The Theatreguide.London Review
In March 2020 the covid-19 epidemic
forced the closure of all British theatres. Some companies adapted
by putting archive recordings of past productions online, others
by streaming new shows. Until things return to normal we review
the experience of watching live theatre onscreen.
BBC iPlayer May 2021
play, first seen at the fringe Theatre 503 in 2019 and transferring to
the West End for a limited run in summer 2021, was recorded for BBC4 and
is available on BBC iPlayer.
Set in the
annual Notting Hill Carnival, it is both a celebration and an analysis
of cultural, racial, class and sexual identity.
non-Londoners: the event, started in the 1960s to salute Caribbean
culture, has grown into a two-day mix of parades, street concerts and
general celebration, occasionally marred by violence. Joseph's title is
an alternative word for carnival, possibly based on the French Caribbean
word for dawn, implying an all-day event.)
The two central
characters, ordinary working women during the year, are first seen
strutting in full feathers-and-bangles costumes in the parade. One
(Gabrielle Brooks) is looking forward to a dance contest later in the
day, while the other (Sapphire Joy) will be speaking at a political
In the course
of the day they meet with an Asian friend (Annice Boparai), flirt with a
couple of guys, react to the commercialisation represented by overpriced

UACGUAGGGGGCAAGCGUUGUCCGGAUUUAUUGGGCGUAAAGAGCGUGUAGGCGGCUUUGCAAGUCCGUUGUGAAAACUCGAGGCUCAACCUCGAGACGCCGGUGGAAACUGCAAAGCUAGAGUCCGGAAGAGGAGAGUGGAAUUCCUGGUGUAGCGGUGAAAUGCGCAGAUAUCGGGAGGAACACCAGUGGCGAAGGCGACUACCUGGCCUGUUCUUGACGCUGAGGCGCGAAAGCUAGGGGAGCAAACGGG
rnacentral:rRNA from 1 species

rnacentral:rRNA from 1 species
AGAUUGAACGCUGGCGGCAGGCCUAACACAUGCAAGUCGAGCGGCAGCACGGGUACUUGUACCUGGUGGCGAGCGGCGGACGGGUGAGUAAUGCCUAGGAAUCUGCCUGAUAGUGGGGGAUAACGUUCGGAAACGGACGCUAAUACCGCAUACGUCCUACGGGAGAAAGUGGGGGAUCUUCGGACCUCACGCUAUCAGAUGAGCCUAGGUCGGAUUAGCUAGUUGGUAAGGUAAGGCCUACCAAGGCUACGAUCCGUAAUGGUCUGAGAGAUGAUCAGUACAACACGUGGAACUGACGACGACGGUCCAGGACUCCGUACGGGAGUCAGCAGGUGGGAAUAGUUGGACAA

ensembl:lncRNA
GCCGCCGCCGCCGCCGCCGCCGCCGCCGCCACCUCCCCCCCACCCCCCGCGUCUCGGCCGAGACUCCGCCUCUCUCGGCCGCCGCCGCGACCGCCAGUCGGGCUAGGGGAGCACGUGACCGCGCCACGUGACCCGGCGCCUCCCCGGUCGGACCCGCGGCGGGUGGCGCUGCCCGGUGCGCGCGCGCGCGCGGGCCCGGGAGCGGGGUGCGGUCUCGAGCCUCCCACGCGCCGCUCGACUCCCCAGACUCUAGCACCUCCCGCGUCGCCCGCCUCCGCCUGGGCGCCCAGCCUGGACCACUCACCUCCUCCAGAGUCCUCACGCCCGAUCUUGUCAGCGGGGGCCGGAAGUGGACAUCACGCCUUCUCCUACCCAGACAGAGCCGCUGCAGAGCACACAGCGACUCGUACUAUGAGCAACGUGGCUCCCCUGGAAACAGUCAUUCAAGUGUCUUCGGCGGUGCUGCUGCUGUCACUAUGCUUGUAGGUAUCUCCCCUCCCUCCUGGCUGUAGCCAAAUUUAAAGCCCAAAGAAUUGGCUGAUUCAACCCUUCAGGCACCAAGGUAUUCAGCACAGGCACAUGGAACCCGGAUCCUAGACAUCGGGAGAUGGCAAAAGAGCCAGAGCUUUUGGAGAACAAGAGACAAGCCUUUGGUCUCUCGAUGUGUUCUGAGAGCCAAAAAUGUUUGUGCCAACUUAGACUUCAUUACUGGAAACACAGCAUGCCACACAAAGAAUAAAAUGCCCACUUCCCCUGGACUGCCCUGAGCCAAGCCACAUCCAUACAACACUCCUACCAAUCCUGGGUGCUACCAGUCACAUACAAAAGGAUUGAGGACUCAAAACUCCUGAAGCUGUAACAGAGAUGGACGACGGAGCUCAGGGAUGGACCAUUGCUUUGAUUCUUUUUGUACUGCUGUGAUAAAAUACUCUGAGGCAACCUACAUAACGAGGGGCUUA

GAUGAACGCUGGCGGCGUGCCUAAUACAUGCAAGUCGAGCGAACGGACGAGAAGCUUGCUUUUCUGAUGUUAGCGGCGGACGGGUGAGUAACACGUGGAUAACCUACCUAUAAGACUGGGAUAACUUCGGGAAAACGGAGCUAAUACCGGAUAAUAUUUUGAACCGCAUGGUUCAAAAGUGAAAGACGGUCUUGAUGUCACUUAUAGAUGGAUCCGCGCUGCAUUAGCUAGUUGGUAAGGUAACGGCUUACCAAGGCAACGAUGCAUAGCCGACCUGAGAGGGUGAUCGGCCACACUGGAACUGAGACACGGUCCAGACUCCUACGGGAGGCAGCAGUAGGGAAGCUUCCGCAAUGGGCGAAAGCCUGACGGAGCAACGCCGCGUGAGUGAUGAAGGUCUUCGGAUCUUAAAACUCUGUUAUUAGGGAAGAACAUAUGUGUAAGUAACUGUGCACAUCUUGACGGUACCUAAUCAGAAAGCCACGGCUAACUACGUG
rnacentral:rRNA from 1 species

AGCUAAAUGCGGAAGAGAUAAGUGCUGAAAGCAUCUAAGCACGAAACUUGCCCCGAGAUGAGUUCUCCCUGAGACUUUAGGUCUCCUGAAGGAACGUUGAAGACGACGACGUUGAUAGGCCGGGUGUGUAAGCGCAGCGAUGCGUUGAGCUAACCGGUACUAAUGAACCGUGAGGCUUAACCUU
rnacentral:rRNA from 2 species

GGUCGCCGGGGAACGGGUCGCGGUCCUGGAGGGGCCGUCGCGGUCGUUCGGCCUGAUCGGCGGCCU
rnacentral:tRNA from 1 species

street food, dance to a DJ (Zuyane Russell) and encounter drunken white
onlookers, older black guys, the spirit of the Carnival's founder and
others, all played by Brooks and Joy in quick changes of character.
always high-energy, the play pauses only occasionally to make some of
its serious points, as when the ghostly founder insists that the girls
recognise that celebrating their cultural past is a political act in
play's strongest insight is that what may seem separate plot strands –
the women cope with passing bits of racism, class snobbery, sexism and
casual violence – are actually interrelated in the whole package that is
the black British experience.
greatest strength is, however, its greatest theatrical weakness, because
what we may eventually come to understand is a complex but unified
vision is a little too scattershot as we experience it.
With the action
jumping from happy moments to pensive ones, and the women no sooner
coping with a racist slur than they encounter a disapproving church lady
or a horny guy or the demanding ghost or the rip-off food seller, the
play can feel like it's spinning off in a bunch of different directions
without a centre.
Murrell's production has been restaged for multiple cameras and,
although recorded in the stage of the Harold Pinter Theatre, gives very
little sense of a live theatrical performance.
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